IR: Luk thung used to be the music of the working class, how did it move into the mainstream of Thai music?

JM: The real shift of luk thung becoming big business and rising in status took place after 1976. It was especially fueled by the rise of Phumphuang Duangjan, the big star of the 1980s.

Oddly enough, as I write in my book, Soraphet Phinyo’s singing partner Nong Nut Duangchiwan was actually a bigger star than Phumphuang for two or three years in the early 1980s. But by 1984 Phumphuang became the dominant luk thung star until her death in 1992. She added dancing to her stage acts and her voice was just very powerful and sexy – before that most female luk thung singers were more sweet and nice. She was also really the first person to combine luk thung with Thai pop.

The cover of Chaophya Magazine (November 1982) showing singer and songwriter Soraphet Phinyo and luk thung star Nong Nut Duangchiwan. The title of this issue, "num na khao – sao na kluea," refers to Soraphet and Nong Nut’s hit duet "Rice Farming Boy, Salt Farming Girl."

The cover of Chaophya Magazine (November 1982) showing singer and songwriter Soraphet Phinyo and luk thung star Nong Nut Duangchiwan. The title of this issue, “num na khao – sao na kluea,” refers to Soraphet and Nong Nut’s hit duet “Rice Farming Boy, Salt Farming Girl.”

In 1989 and 1991 the royal patronage over luk thung began with “50 Years of luk thung” celebrations and Princess Maha Chakri Sirindhorn became involved with it. She actually wrote the lyrics to the song “Som Tam,” the big Phumphuang hit, which explains how to make som tam.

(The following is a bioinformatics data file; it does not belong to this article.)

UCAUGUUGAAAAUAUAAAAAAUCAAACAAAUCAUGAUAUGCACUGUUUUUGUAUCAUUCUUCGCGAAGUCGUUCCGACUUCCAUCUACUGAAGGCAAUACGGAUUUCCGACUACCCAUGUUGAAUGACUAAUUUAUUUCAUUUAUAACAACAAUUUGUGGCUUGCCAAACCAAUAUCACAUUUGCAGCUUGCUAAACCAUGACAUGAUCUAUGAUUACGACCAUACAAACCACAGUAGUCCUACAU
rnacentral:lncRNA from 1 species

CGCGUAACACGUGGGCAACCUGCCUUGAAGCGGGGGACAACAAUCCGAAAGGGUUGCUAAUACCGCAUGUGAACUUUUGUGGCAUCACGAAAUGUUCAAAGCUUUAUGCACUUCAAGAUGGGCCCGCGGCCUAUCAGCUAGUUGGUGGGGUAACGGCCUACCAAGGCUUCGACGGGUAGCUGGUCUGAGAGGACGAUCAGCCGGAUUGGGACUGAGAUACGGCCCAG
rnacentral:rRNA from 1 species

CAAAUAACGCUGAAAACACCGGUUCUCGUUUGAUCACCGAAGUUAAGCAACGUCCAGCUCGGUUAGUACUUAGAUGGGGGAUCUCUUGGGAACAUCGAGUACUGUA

IR: You write that the usual portrayal of luk thung as an apolitical genre is a misperception, why is that? 

JM: Craig A. Lockert wrote a very good book, Dance of Life: Popular Music and Politics in Southeast Asia, which looks at political use of music throughout the region. He concluded that luk thung could not be used for political purposes because of the extravagant lifestyles of the artists and all the commercial trappings of modern luk thung – like all the dancers, the wonderful costumes, the commercialized lyrics. But when I saw luk thung artists perform at Red shirt protests, it became clear to me that the concert really was part of the protest.

IR: Does that mean that luk thung became politicized through the Red Shirt protests?

JM: No, it was not the first time for luk thung to carry politicized messages. In the 1950s, before it was called luk thung, it was called phleng chiwit (“songs of life”), which is not be confused with phleng phuea chiwit (“songs for life”). Phleng chiwit is a very early version of luk thung; the songs were sung in rural accents using rural themes, and they were highly political. So much so that the songwriters were put in jail or they were threatened.

During the 1970s phleng phuea chiwit was the dominant protest music, but from what I have found even during that time luk thung was used a lot for protests, for example by the communist insurgents.

So, luk thung has always been political, but it has always been heavily censored too. It has been the music of the working class and of the poor, but it wasn’t until the Red Shirts that the working class could really be open about their criticism of the establishment in public.

IR: Have only the Red Shirts made use of luk thung music or did the Yellow Shirts incorporate it in their protests too?

JM: When the Yellow Shirts and the other offspring groups used luk thung it was clear that they didn’t have any real connection to the music. They use it because it is popular and it is party music, so all the yellow luk thung songs are either very patriotic songs or they are party songs.